Care Relationships: Withstanding the Fury of Alzheimer’s

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As the caregiver for an aging parent or loved one with Alzheimer’s, you have demonstrated strength, devotion and compassion. While many families are able to cope with the physical changes that accompany the degenerative disease, watching a loved one undergo behavioral changes can be heartwrenching. From having a short temper to being rude, angry and insensitive, a loved one’s change in personality can make it difficult for family caregivers to provide care.

If you are having trouble managing your loved one’s behavioral changes, learning what the triggers are and how to avoid them can help keep your sanity intact, while enhancing the relationship you have with your loved one. Also, be sure to read more about Alzheimer’s home care in Scottsdale to see if a professional caregiver can help alleviate your concerns and assist with complex care needs.

Realize Where the Anger Comes From

First, understand that your loved one’s anger doesn’t stem from a lack of love. More often than not, outbursts and unusual behaviors are borne of frustration and stress. Things you don’t notice, like the background noise in restaurants or a large crowd, can be an unbearable sensory overload for someone with Alzheimer’s. He or she may feel pressured to perform tasks that are difficult, or they may be in physical pain they are unable to express. When your parent is calmer, talk openly with them about how they were feeling right before the outburst. You may also want to keep a journal, tracking their behavior in certain situations to try pinpointing the triggers.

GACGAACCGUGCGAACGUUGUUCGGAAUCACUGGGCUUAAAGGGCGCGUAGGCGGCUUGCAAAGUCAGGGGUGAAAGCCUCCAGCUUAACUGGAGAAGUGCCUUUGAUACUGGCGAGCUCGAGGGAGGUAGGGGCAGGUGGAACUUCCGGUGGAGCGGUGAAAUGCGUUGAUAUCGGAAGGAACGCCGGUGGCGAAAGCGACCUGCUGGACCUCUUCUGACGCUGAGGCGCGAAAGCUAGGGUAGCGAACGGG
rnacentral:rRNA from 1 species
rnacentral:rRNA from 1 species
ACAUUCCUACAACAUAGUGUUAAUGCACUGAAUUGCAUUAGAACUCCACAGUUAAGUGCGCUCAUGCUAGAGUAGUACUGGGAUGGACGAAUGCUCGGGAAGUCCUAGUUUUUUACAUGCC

Minimize the Outbursts

As you learn what the triggers are, you can take steps to prevent them from happening. If your parent cannot handle crowds, running errands to the grocery store or pharmacy without them may be a better solution. On the other hand, if your aging loved one frequently finds themselves frustrated with the inability to perform daily tasks, consider therapy. A qualified Scottsdale in-home caregiver can also be a great solution as they are trained in how to assist patients with Alzheimer’s, while still promoting their independence. As you take steps to minimize the triggers, you’ll be able to ensure your aging loved one is calmer and comfortable.

How to Respond to the Anger

It will take time to learn the triggers, and you may not be able to completely eliminate sudden outbursts. However, you can learn how to respond when they happen. The first thing is for you to stay calm, maintain your normal tone of voice and avoid getting into a power struggle. Don’t pressure for answers and conversation if your parent isn’t ready, and give them time to settle down.

Keep in mind that how you deal with the behavior changes is critical. You can talk with doctors and therapists to find better coping mechanisms for your family. You can also join a support group for new ideas and a fresh outlook. You may not be able to reverse the personality changes, but it is possible to learn how to minimize problems and cope with their anger and frustration.

For more information about caring for a parent with Alzheimer’s, visit our website at or contact a devoted Care Manager directly at 480-448-6215. Our phone lines are open 24/7 and we are here to answer any of your questions.


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